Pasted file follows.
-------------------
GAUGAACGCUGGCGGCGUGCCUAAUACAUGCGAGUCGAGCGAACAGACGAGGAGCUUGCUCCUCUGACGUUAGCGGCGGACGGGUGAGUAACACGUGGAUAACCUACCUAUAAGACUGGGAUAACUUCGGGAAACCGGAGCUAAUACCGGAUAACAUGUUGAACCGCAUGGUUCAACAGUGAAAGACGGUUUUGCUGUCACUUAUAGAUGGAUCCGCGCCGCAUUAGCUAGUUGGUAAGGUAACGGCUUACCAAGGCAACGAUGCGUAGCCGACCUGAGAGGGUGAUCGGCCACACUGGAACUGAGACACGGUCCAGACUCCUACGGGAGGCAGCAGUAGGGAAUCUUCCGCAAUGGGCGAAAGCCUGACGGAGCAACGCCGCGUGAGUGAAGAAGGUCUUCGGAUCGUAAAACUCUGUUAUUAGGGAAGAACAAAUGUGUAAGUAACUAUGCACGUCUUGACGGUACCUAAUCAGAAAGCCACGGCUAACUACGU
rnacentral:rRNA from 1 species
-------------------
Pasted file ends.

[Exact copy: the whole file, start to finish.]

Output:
GAUGAACGCUGGCGGCGUGCCUAAUACAUGCGAGUCGAGCGAACAGACGAGGAGCUUGCUCCUCUGACGUUAGCGGCGGACGGGUGAGUAACACGUGGAUAACCUACCUAUAAGACUGGGAUAACUUCGGGAAACCGGAGCUAAUACCGGAUAACAUGUUGAACCGCAUGGUUCAACAGUGAAAGACGGUUUUGCUGUCACUUAUAGAUGGAUCCGCGCCGCAUUAGCUAGUUGGUAAGGUAACGGCUUACCAAGGCAACGAUGCGUAGCCGACCUGAGAGGGUGAUCGGCCACACUGGAACUGAGACACGGUCCAGACUCCUACGGGAGGCAGCAGUAGGGAAUCUUCCGCAAUGGGCGAAAGCCUGACGGAGCAACGCCGCGUGAGUGAAGAAGGUCUUCGGAUCGUAAAACUCUGUUAUUAGGGAAGAACAAAUGUGUAAGUAACUAUGCACGUCUUGACGGUACCUAAUCAGAAAGCCACGGCUAACUACGU
rnacentral:rRNA from 1 species